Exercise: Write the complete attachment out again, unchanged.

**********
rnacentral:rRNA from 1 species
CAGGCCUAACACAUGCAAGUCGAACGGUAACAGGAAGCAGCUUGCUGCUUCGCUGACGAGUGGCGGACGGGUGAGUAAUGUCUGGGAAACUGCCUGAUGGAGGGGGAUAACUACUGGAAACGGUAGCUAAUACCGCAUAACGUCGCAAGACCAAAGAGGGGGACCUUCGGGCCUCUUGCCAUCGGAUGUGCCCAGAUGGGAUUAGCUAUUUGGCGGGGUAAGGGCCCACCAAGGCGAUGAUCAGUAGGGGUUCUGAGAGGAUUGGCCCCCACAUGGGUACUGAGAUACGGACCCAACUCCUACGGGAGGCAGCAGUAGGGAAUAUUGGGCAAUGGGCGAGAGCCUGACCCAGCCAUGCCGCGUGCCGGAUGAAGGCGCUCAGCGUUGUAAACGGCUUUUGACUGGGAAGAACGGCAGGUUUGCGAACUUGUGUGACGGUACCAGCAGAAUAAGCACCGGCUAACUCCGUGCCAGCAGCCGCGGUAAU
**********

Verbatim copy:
rnacentral:rRNA from 1 species
CAGGCCUAACACAUGCAAGUCGAACGGUAACAGGAAGCAGCUUGCUGCUUCGCUGACGAGUGGCGGACGGGUGAGUAAUGUCUGGGAAACUGCCUGAUGGAGGGGGAUAACUACUGGAAACGGUAGCUAAUACCGCAUAACGUCGCAAGACCAAAGAGGGGGACCUUCGGGCCUCUUGCCAUCGGAUGUGCCCAGAUGGGAUUAGCUAUUUGGCGGGGUAAGGGCCCACCAAGGCGAUGAUCAGUAGGGGUUCUGAGAGGAUUGGCCCCCACAUGGGUACUGAGAUACGGACCCAACUCCUACGGGAGGCAGCAGUAGGGAAUAUUGGGCAAUGGGCGAGAGCCUGACCCAGCCAUGCCGCGUGCCGGAUGAAGGCGCUCAGCGUUGUAAACGGCUUUUGACUGGGAAGAACGGCAGGUUUGCGAACUUGUGUGACGGUACCAGCAGAAUAAGCACCGGCUAACUCCGUGCCAGCAGCCGCGGUAAU